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Election observers in Oklahoma to gauge mood of the electorate, media

Andrew W. Griffin / Red Dirt Report
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OKLAHOMA CITY – A week from tomorrow, millions of Americans will head to the polls and make their selection on who they want to be the next president.

And for the past 25 years, the Organization for Security and Co-Operation in Europe (OSCE) and the Office for Democratic Institutions and Human Rights (ODIHR) have sent election observers to more than 300 different elections in 56 countries that participate with the OSCE’s efforts, including the United States, where they have observerd elections in this country going back to 2002.

For those unfamiliar with the OSCE, they promote security, democracy, and human rights. This includes observing elections in participating countries that are committed to democratic elections, universality, equality, transparency, secret ballots, accountability, fairness, and the respect for fundamental rights and freedoms.

And while foreign election observers will be monitoring elections in many states, they will not be allowed to do so here in Oklahoma since only election officials and voters in and around the area where the voting takes place are allowed to be there, according to state law. Red Dirt Report believes this is a law that should be changed.

Texas is another state in our region where it is against the law for people who are not poll workers or voters to be present.

And while that is the case here, these internationally-recognized election observers are still coming here to get a sense of what members of the media and voters think in regards to the election process.

Two election observers – a female from France and a male from Switzerland – came by the office of Red Dirt Report to find out what we thought about the process.  We cannot use their names because they were not given permission by the OSCE to conduct interviews.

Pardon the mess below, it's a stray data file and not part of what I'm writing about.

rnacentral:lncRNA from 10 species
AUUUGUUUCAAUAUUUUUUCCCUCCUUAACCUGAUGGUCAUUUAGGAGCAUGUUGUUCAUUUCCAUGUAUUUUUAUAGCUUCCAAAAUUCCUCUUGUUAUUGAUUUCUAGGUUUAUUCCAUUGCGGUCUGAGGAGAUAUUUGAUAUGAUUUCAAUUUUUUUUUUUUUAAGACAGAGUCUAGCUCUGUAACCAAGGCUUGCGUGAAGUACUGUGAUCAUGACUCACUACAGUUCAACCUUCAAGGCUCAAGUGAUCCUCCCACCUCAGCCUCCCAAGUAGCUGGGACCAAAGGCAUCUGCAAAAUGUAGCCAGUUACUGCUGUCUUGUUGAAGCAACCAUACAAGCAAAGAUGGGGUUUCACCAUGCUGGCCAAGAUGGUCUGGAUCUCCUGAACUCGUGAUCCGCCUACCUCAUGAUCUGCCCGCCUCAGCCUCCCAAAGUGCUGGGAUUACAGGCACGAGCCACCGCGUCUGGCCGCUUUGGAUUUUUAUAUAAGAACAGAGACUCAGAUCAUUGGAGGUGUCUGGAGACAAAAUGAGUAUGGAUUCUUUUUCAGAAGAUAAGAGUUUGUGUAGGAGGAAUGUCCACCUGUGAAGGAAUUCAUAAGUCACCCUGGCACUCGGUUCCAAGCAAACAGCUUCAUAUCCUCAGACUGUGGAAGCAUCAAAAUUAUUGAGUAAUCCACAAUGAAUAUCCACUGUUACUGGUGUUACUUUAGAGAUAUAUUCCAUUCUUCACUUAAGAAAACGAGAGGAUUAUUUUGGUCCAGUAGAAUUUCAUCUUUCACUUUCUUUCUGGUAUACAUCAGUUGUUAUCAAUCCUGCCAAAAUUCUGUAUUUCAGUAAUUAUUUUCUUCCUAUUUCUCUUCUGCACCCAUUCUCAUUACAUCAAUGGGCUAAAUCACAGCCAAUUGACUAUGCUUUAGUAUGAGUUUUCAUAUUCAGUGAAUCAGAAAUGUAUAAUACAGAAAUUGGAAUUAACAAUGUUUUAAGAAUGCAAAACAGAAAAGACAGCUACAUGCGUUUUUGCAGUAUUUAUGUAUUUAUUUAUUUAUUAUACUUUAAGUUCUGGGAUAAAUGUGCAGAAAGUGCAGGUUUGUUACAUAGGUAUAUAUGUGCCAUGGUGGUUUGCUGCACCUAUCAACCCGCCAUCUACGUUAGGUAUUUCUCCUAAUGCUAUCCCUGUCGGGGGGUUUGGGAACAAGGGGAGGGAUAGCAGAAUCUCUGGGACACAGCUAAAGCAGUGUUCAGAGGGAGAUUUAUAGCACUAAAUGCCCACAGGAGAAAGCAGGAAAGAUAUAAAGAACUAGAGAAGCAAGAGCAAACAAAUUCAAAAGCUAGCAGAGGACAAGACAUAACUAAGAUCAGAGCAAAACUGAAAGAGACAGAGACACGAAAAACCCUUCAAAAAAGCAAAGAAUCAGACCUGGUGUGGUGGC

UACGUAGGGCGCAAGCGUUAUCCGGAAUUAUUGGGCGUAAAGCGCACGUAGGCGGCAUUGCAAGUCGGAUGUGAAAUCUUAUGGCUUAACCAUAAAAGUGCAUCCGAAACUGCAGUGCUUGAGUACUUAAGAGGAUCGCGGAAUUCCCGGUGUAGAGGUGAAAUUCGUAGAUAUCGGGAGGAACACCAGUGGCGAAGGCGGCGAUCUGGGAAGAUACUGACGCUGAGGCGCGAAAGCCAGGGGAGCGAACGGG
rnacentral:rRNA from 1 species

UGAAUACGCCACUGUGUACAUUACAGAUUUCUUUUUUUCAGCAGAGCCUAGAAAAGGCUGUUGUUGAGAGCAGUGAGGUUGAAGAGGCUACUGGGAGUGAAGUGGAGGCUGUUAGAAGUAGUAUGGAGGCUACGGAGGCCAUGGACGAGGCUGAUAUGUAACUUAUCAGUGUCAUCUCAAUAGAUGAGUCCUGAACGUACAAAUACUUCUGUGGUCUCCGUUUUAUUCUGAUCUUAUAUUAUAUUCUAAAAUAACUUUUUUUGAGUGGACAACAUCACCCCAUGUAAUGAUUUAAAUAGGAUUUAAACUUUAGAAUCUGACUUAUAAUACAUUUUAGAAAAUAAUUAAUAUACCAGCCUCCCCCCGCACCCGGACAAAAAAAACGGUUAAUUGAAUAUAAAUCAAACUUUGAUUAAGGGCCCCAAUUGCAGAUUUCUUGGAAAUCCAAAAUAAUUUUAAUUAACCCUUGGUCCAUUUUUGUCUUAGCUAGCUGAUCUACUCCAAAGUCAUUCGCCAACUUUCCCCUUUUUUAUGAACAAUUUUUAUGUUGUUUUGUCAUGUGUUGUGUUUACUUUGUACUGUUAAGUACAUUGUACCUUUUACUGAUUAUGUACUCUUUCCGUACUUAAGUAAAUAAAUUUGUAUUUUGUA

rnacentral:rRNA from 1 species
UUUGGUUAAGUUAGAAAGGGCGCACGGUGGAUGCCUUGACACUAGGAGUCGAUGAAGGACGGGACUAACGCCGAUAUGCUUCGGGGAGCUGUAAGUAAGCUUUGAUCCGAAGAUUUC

What they did tell me is that the organization makes a preliminary statement after the election and a detailed, final report is released approximately one month after the election by the OSCE.

This two-person team, who asked probing questions about voter registration, the participation of minorities and women, the involvement of political parties and other related issues, told me that they are here monitoring Oklahoma, Texas and Arkansas. While they cannot observe polling locations on Election Day (Nov. 8th), they may be able to do so in Arkansas, they explained.

Russia, which is not participating with the OSCE mission, has independently requested the opportunity to observe elections in Oklahoma and Texas, which of course was denied. Louisiana also denied Russia’s request. This comes at a time when, according to a CNN article, Republican presidential candidate Donald Trump has suggested that the U.S. elections are “rigged.”

Talking about our coverage of the 2016 election cycle, we explained how we have covered all presidential candidates who have come through Oklahoma, and have covered both the Iowa Caucuses and the Republican National Convention in Cleveland, Ohio. It was also explained to the two election observers that we also have taken an editorial stance against both Trump and Democrat Hillary Clinton and have demonstrated our interest in the third party option available here in Oklahoma - Libertarian Gary Johnson.

Our concern about the process and the two main candidates was also noted, as I recently wrote in my piece "Diagnosis: Terminal." 

Red Dirt Report will be covering the different candidates on Election Day and readers can expect full coverage right here. 

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About the Author

Andrew W. Griffin

Editor & Owner.

Andrew W. Griffin received his Bachelor of Science in Journalism from...

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About Red Dirt Report

Red Dirt Report was launched July 4, 2007 as an independent news website covering all manner of news, culture, entertainment and lifestyle stories that affect and interest Oklahoma readers and readers outside of our state. Our mission is to educate, promote civic engagement and discourse on public policy, government and politics. Our experienced journalists provided balanced in-depth coverage of news stories that affect Oklahomans. Our opinion/editorial stories come from a wide range of political view points. We carry out our mission by reporting, writing, and posting news and information. read more

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